The new food pyramid is in… guess what’s out? 11



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Nutrition Australia has updated the food pyramid for the first time in 15 years and, while the basic structure is the same, there are some surprises in store.

The new food pyramid has been designed to combat the rise of DIY food experts and the wealth of often confusing information on the internet about healthy eating.

Executive Officer of Nutrition Australia Victoria, Lucinda Hancock, says, “The new Pyramid cuts through the misleading information and fad diets that are getting so much attention, and provides Australians with a credible, flexible and realistic guide to eating well”.

Previous versions of the food pyramid grouped foods into three categories – eat most (fruit,vegetables, grains, nuts and legumes), eat moderately (dairy, meat and other proteins) and eat sparingly (fats and sugars).

Today’s pyramid is far clearer, with the five major food groups divided into four layers. Plant-based foods such as, fruit, vegetables and legumes make up the largest layer; followed by grains; then small amounts of dairy and proteins, including lean meat, poultry, fish, eggs, nuts, seeds and lentils; and finally small amounts of healthy fats, such as olive oil.



Notable changes are the compete absence of sugar, the fact that only healthy fats are included in the top layer, and plant foods making up the bulk of the diet rather than grains, which is how the older versions were often interpreted.

One message Nutrition Australia is pushing with this new food pyramid is  loud and clear: there is no room in a healthy diet for junk food.

“The latest health survey data shows the average Australian is getting more than a third of their daily energy intake from junk foods, while less than seven per cent of people eat enough vegetables and only half of us eat enough fruit,“ says Ms Hancock.

“We want to get the message across that for most people the simplest way to eat healthier is to cut down on junk food and sugary drinks and to eat mostly from the core food groups – especially to eat more fruit and vegetables”.

Fad diets, sugar and transfats might be out, but Nutrition Australis is keeping up with the times. Tofu, soy milk, quinoa and coconut oil are all included in the updated food pyramid.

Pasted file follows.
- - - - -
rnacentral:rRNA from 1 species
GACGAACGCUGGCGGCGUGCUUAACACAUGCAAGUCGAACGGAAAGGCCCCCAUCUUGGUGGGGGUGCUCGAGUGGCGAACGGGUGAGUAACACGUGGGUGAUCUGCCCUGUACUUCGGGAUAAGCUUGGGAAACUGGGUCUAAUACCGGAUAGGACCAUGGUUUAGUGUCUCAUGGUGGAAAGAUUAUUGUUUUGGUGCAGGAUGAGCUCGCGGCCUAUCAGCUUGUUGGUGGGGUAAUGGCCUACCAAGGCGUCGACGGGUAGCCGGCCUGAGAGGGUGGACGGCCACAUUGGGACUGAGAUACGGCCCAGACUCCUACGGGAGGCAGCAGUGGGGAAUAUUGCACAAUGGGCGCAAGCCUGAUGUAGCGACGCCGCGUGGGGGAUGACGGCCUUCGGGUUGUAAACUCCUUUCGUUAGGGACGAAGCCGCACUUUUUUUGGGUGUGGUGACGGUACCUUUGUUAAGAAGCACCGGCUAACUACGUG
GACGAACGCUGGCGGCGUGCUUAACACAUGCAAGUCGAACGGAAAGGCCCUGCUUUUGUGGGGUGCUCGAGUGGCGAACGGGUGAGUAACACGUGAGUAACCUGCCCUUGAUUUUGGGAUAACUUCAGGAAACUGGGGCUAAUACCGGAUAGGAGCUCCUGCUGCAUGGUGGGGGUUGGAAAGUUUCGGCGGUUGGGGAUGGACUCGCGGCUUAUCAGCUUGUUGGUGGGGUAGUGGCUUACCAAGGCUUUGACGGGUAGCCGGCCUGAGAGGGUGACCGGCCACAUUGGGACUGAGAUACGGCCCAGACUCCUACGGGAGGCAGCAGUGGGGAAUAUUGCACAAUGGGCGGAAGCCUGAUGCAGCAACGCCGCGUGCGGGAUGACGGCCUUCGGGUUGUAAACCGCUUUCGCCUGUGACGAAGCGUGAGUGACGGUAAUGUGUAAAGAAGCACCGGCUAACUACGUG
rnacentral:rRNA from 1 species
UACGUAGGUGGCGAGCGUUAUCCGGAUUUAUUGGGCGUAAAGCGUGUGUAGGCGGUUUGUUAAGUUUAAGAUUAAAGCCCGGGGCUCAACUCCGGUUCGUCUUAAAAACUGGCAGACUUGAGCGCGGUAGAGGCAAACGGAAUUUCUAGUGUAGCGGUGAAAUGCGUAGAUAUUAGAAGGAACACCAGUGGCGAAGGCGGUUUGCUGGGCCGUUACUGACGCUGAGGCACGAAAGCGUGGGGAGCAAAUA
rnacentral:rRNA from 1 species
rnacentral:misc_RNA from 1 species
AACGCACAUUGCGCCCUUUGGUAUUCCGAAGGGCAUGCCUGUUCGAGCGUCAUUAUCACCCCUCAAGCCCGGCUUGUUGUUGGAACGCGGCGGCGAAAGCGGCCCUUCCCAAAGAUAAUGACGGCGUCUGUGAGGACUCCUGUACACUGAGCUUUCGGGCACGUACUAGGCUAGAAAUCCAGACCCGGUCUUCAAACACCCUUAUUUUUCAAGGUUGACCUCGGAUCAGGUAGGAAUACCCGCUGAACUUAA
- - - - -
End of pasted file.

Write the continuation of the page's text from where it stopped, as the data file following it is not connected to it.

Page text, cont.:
The pyramid has been used as the key healthy eating education tool for Nutrition Australia since the 1980s.

What do you think of the new healthy eating pyramid? Does it make it easier for your to make the right choices?

Starts at 60 Writers

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  1. Do people really not know about healthy eating, or are they just chosing badly anyway? Knowing and doing are two different things.

  2. Yes people know what they should be eating but choose not too but it’s only them who they are hurting.

    1 REPLY
    • Di, those who eat poorly cost the whole community in the higher medical costs that their poor health outcomes produce. These higher costs flow through to us through our taxes and the availability of affordable medical services.

  3. The pyramid of “healthy eating”, during my primary school years, circa 1952, was known as the 4H groups: green & yellow leafy vegetables, seasonal fruits in abundance, lots of seafood & seaweed, more chicken & less red meat. Pan fry rather than deep frying; add herbs, spices, salt, when cooking; drink plenty of h2o; peanuts for desserts; sugar used in preserves only. We rarely saw any doctor growing up, except for vaccinations & minor injuries!

  4. If they swept all those grains off the pyramid, this wouldn’t be too bad.

  5. They do not completely leave off sugar and salt, they recommend no added salt/sugar. Fruit is fine but a bit less in this pyramid. We haven’t added salt or sugar for years in our home but occasionally have fish and chips etc. A little of what you like ever now and then is good for the soul.

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